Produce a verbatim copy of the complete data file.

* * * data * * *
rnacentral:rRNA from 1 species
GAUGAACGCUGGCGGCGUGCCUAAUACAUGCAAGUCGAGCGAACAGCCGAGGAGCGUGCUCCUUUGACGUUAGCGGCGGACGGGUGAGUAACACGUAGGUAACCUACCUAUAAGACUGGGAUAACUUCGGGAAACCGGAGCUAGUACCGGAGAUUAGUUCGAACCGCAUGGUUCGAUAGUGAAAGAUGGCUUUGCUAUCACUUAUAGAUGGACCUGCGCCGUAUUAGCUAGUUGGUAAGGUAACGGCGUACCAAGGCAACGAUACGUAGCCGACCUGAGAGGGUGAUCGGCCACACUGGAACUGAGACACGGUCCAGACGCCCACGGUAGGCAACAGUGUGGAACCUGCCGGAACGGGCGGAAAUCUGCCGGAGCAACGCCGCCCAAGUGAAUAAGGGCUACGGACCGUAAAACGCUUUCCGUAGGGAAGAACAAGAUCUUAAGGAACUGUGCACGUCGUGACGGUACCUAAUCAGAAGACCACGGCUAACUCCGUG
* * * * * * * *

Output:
rnacentral:rRNA from 1 species
GAUGAACGCUGGCGGCGUGCCUAAUACAUGCAAGUCGAGCGAACAGCCGAGGAGCGUGCUCCUUUGACGUUAGCGGCGGACGGGUGAGUAACACGUAGGUAACCUACCUAUAAGACUGGGAUAACUUCGGGAAACCGGAGCUAGUACCGGAGAUUAGUUCGAACCGCAUGGUUCGAUAGUGAAAGAUGGCUUUGCUAUCACUUAUAGAUGGACCUGCGCCGUAUUAGCUAGUUGGUAAGGUAACGGCGUACCAAGGCAACGAUACGUAGCCGACCUGAGAGGGUGAUCGGCCACACUGGAACUGAGACACGGUCCAGACGCCCACGGUAGGCAACAGUGUGGAACCUGCCGGAACGGGCGGAAAUCUGCCGGAGCAACGCCGCCCAAGUGAAUAAGGGCUACGGACCGUAAAACGCUUUCCGUAGGGAAGAACAAGAUCUUAAGGAACUGUGCACGUCGUGACGGUACCUAAUCAGAAGACCACGGCUAACUCCGUG